Turkey's parliament voted on Saturday to lift a ban on female students wearing the Muslim headscarf at university, a landmark decision that some Turks say will undermine the foundations of the secular state.
Parliament, where the ruling centre-right AK Party has a big majority, approved the constitutional amendments by 411 votes to 103.
The headscarf issue cuts to the heart of Muslim but secular, Western-oriented Turkey's complex identity.
Prime Minister Tayyip Erdogan's AK Party, which has Islamist roots, says the headscarf ban is an unfair denial of individual rights and religious liberty in a European Union candidate country where two thirds of women cover their heads.
Erdogan's own wife and daughters wear the headscarf as do those of President Abdullah Gul and many AK Party ministers.
But Turkey's old secular elite, which includes the judiciary, university rectors and army generals, regards the headscarf ban as crucial for maintaining a strict separation of state and religion.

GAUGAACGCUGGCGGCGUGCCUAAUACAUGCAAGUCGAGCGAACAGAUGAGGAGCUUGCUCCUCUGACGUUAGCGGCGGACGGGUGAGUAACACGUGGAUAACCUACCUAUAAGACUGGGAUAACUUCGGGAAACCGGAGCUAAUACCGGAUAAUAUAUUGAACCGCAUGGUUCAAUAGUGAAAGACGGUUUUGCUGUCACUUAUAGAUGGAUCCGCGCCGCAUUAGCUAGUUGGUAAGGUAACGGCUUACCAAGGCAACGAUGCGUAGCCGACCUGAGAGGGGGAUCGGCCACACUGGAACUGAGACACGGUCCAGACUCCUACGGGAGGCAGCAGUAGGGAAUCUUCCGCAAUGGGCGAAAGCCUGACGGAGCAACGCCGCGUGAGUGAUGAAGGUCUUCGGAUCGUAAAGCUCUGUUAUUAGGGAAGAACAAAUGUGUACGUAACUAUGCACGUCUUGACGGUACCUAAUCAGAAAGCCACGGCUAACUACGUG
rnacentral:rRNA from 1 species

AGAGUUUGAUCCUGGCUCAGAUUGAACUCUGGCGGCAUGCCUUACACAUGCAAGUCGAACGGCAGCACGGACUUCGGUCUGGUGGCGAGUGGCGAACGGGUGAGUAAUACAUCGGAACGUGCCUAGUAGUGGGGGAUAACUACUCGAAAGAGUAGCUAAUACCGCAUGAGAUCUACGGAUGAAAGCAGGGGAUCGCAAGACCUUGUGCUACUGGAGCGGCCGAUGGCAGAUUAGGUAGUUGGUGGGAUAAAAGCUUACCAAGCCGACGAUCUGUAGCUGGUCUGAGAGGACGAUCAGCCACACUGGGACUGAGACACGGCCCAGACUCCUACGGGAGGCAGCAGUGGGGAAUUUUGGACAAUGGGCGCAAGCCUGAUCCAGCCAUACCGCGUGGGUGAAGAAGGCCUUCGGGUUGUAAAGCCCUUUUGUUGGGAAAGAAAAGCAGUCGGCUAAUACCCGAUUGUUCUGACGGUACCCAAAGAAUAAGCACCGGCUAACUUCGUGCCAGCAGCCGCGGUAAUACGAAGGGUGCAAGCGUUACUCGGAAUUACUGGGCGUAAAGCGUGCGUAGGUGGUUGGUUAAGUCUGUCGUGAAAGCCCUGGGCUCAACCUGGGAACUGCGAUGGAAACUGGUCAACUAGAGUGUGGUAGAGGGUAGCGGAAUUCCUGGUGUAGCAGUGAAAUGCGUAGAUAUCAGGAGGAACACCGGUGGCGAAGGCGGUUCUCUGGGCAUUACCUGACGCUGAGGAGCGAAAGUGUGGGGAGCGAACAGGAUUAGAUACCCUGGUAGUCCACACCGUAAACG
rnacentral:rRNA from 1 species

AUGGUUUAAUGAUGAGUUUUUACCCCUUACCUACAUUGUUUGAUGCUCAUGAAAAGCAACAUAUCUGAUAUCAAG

Opponents of the hijab argue it is a slippery slope towards "Islamic" rule, but since the hijab is clearly a statement of free speech in the Turkish context (unlike in Saudi Arabia, where it is a symbol of oppression), denying it is arguably on the slippery slope towards oppression as well. Given Turkey's secularist background, the dangers of a slide into Islamic rule are slim, whereas maintaining such strict bans is probably what gave the Islamic parties in parliament their life to begin with. The people of Turkey are muslim, regardless of the elite's secularist tastes. Trying to oppress that identity only serves to strengthen it in opposition and resistance. Providing it the outlets it needs is the best way to tame it towards more useful channels. It isn't the Islamic political parties arguing you cant be Turkish and muslim at the same time.